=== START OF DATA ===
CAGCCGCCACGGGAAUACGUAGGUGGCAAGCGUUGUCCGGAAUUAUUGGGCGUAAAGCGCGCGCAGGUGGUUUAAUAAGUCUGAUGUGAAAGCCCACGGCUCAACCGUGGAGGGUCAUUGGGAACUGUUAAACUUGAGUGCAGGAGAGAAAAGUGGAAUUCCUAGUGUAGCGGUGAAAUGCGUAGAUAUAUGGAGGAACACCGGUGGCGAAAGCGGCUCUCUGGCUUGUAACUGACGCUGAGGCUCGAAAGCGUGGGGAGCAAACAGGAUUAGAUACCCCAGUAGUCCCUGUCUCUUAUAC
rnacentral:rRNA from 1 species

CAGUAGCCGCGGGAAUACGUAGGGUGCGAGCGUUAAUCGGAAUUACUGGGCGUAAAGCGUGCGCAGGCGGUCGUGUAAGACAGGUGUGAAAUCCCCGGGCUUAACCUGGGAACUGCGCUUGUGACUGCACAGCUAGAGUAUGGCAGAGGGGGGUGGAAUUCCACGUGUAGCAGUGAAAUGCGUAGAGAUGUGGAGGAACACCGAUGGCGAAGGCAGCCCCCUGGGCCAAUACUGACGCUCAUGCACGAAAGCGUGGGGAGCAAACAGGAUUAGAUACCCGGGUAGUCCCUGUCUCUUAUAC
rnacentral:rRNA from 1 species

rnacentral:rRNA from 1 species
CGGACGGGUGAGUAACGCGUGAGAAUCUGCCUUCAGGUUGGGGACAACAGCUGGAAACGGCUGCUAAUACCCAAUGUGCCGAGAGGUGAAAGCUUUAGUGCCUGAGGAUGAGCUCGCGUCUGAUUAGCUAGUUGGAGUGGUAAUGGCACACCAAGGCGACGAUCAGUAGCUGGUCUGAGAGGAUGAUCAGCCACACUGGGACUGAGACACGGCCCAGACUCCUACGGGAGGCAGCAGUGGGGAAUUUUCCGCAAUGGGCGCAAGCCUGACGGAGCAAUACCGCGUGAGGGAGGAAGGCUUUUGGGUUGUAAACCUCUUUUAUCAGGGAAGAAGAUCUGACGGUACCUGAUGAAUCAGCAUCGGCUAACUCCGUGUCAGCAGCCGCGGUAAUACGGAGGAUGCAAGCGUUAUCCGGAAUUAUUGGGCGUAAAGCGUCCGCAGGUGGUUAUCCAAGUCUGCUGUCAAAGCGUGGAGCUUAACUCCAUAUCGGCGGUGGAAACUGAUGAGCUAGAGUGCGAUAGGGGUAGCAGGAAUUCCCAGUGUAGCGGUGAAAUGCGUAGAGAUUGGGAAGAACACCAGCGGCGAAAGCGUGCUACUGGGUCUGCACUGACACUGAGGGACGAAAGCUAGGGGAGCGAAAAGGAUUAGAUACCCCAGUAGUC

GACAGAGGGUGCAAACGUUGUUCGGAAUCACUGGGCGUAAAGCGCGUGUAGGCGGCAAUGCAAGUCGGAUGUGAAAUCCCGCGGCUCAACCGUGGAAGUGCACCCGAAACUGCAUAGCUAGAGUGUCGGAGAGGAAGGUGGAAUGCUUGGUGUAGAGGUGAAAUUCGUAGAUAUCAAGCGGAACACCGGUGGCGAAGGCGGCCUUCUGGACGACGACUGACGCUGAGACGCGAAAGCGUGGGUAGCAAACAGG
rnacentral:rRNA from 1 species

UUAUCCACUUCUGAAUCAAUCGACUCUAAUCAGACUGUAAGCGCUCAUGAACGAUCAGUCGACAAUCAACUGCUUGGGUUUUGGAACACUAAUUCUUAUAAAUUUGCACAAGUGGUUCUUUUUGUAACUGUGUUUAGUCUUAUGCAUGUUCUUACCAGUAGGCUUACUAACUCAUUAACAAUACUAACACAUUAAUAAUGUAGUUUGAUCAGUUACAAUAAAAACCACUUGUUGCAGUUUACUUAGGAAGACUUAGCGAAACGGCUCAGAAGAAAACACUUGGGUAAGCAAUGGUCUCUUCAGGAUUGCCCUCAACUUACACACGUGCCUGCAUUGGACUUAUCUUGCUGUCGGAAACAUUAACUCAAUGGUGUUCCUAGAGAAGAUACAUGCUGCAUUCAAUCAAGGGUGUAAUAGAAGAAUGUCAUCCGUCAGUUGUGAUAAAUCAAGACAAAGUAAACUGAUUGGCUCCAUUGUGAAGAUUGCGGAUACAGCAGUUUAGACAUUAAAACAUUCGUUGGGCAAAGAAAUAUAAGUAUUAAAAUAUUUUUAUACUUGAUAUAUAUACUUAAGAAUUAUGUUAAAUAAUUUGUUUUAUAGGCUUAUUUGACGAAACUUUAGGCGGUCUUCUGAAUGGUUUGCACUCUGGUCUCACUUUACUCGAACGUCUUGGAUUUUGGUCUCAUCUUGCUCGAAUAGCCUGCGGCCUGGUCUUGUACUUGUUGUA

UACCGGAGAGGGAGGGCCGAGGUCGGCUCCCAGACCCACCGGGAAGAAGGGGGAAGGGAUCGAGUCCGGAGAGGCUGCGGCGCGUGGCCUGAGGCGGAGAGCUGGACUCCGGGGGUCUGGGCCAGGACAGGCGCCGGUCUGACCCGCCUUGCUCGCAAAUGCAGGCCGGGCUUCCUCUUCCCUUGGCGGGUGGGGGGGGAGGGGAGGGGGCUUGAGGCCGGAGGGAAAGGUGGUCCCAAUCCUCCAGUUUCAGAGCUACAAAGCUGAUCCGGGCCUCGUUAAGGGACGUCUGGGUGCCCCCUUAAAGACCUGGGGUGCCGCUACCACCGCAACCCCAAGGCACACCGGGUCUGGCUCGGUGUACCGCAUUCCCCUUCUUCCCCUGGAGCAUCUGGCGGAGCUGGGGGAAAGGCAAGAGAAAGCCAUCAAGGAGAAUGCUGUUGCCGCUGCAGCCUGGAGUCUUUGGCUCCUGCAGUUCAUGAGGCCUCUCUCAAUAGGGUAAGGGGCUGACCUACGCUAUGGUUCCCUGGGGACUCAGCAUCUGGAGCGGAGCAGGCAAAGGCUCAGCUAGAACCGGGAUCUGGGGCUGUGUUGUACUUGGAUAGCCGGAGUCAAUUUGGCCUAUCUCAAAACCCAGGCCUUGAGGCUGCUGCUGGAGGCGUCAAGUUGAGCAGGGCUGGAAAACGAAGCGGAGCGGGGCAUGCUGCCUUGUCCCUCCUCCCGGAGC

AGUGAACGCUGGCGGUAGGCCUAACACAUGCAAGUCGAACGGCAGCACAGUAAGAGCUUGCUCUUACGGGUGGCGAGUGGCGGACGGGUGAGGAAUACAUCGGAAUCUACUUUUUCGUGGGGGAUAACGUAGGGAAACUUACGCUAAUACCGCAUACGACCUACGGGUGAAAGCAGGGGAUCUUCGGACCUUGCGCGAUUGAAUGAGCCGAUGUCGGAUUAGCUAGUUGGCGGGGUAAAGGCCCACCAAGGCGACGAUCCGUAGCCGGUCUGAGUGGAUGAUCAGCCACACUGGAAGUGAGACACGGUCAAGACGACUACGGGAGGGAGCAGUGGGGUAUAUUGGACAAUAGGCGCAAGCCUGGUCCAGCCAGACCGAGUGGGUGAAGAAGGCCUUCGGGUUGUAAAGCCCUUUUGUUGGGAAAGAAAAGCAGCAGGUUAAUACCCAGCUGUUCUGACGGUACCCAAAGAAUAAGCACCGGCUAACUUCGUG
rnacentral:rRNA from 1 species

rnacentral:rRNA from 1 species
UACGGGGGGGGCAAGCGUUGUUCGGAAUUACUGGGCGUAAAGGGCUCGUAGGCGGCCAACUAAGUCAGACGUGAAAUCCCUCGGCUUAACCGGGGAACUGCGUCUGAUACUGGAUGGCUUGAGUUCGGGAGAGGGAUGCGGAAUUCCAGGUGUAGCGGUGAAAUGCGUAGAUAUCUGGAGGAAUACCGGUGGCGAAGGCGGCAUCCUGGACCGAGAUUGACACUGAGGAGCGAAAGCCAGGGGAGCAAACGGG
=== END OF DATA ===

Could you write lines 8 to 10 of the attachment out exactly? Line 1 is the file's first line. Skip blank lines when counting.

rnacentral:rRNA from 1 species

UUAUCCACUUCUGAAUCAAUCGACUCUAAUCAGACUGUAAGCGCUCAUGAACGAUCAGUCGACAAUCAACUGCUUGGGUUUUGGAACACUAAUUCUUAUAAAUUUGCACAAGUGGUUCUUUUUGUAACUGUGUUUAGUCUUAUGCAUGUUCUUACCAGUAGGCUUACUAACUCAUUAACAAUACUAACACAUUAAUAAUGUAGUUUGAUCAGUUACAAUAAAAACCACUUGUUGCAGUUUACUUAGGAAGACUUAGCGAAACGGCUCAGAAGAAAACACUUGGGUAAGCAAUGGUCUCUUCAGGAUUGCCCUCAACUUACACACGUGCCUGCAUUGGACUUAUCUUGCUGUCGGAAACAUUAACUCAAUGGUGUUCCUAGAGAAGAUACAUGCUGCAUUCAAUCAAGGGUGUAAUAGAAGAAUGUCAUCCGUCAGUUGUGAUAAAUCAAGACAAAGUAAACUGAUUGGCUCCAUUGUGAAGAUUGCGGAUACAGCAGUUUAGACAUUAAAACAUUCGUUGGGCAAAGAAAUAUAAGUAUUAAAAUAUUUUUAUACUUGAUAUAUAUACUUAAGAAUUAUGUUAAAUAAUUUGUUUUAUAGGCUUAUUUGACGAAACUUUAGGCGGUCUUCUGAAUGGUUUGCACUCUGGUCUCACUUUACUCGAACGUCUUGGAUUUUGGUCUCAUCUUGCUCGAAUAGCCUGCGGCCUGGUCUUGUACUUGUUGUA

UACCGGAGAGGGAGGGCCGAGGUCGGCUCCCAGACCCACCGGGAAGAAGGGGGAAGGGAUCGAGUCCGGAGAGGCUGCGGCGCGUGGCCUGAGGCGGAGAGCUGGACUCCGGGGGUCUGGGCCAGGACAGGCGCCGGUCUGACCCGCCUUGCUCGCAAAUGCAGGCCGGGCUUCCUCUUCCCUUGGCGGGUGGGGGGGGAGGGGAGGGGGCUUGAGGCCGGAGGGAAAGGUGGUCCCAAUCCUCCAGUUUCAGAGCUACAAAGCUGAUCCGGGCCUCGUUAAGGGACGUCUGGGUGCCCCCUUAAAGACCUGGGGUGCCGCUACCACCGCAACCCCAAGGCACACCGGGUCUGGCUCGGUGUACCGCAUUCCCCUUCUUCCCCUGGAGCAUCUGGCGGAGCUGGGGGAAAGGCAAGAGAAAGCCAUCAAGGAGAAUGCUGUUGCCGCUGCAGCCUGGAGUCUUUGGCUCCUGCAGUUCAUGAGGCCUCUCUCAAUAGGGUAAGGGGCUGACCUACGCUAUGGUUCCCUGGGGACUCAGCAUCUGGAGCGGAGCAGGCAAAGGCUCAGCUAGAACCGGGAUCUGGGGCUGUGUUGUACUUGGAUAGCCGGAGUCAAUUUGGCCUAUCUCAAAACCCAGGCCUUGAGGCUGCUGCUGGAGGCGUCAAGUUGAGCAGGGCUGGAAAACGAAGCGGAGCGGGGCAUGCUGCCUUGUCCCUCCUCCCGGAGC